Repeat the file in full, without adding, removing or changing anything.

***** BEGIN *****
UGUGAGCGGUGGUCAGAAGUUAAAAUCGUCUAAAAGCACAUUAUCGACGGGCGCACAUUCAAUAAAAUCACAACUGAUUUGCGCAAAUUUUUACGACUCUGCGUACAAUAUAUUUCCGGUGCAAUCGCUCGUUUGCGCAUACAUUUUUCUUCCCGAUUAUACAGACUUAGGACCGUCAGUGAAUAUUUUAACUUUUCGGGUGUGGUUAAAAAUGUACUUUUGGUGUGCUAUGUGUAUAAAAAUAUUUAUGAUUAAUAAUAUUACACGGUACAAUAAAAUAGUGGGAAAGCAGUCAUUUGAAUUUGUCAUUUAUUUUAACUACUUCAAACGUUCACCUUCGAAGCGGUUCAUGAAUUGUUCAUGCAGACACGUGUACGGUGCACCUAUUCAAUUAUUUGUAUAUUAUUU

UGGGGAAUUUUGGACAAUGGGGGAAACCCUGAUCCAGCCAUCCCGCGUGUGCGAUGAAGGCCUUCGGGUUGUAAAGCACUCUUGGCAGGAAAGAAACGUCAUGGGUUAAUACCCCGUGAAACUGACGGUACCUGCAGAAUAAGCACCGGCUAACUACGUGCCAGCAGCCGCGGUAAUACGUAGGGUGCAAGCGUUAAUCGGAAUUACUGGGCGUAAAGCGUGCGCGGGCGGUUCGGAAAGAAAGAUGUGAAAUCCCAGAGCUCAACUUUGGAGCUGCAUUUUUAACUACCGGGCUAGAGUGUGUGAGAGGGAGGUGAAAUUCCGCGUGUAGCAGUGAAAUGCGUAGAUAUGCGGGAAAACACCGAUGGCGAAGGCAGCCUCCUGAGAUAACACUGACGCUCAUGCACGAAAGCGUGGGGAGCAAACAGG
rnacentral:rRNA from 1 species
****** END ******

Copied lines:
UGUGAGCGGUGGUCAGAAGUUAAAAUCGUCUAAAAGCACAUUAUCGACGGGCGCACAUUCAAUAAAAUCACAACUGAUUUGCGCAAAUUUUUACGACUCUGCGUACAAUAUAUUUCCGGUGCAAUCGCUCGUUUGCGCAUACAUUUUUCUUCCCGAUUAUACAGACUUAGGACCGUCAGUGAAUAUUUUAACUUUUCGGGUGUGGUUAAAAAUGUACUUUUGGUGUGCUAUGUGUAUAAAAAUAUUUAUGAUUAAUAAUAUUACACGGUACAAUAAAAUAGUGGGAAAGCAGUCAUUUGAAUUUGUCAUUUAUUUUAACUACUUCAAACGUUCACCUUCGAAGCGGUUCAUGAAUUGUUCAUGCAGACACGUGUACGGUGCACCUAUUCAAUUAUUUGUAUAUUAUUU

UGGGGAAUUUUGGACAAUGGGGGAAACCCUGAUCCAGCCAUCCCGCGUGUGCGAUGAAGGCCUUCGGGUUGUAAAGCACUCUUGGCAGGAAAGAAACGUCAUGGGUUAAUACCCCGUGAAACUGACGGUACCUGCAGAAUAAGCACCGGCUAACUACGUGCCAGCAGCCGCGGUAAUACGUAGGGUGCAAGCGUUAAUCGGAAUUACUGGGCGUAAAGCGUGCGCGGGCGGUUCGGAAAGAAAGAUGUGAAAUCCCAGAGCUCAACUUUGGAGCUGCAUUUUUAACUACCGGGCUAGAGUGUGUGAGAGGGAGGUGAAAUUCCGCGUGUAGCAGUGAAAUGCGUAGAUAUGCGGGAAAACACCGAUGGCGAAGGCAGCCUCCUGAGAUAACACUGACGCUCAUGCACGAAAGCGUGGGGAGCAAACAGG
rnacentral:rRNA from 1 species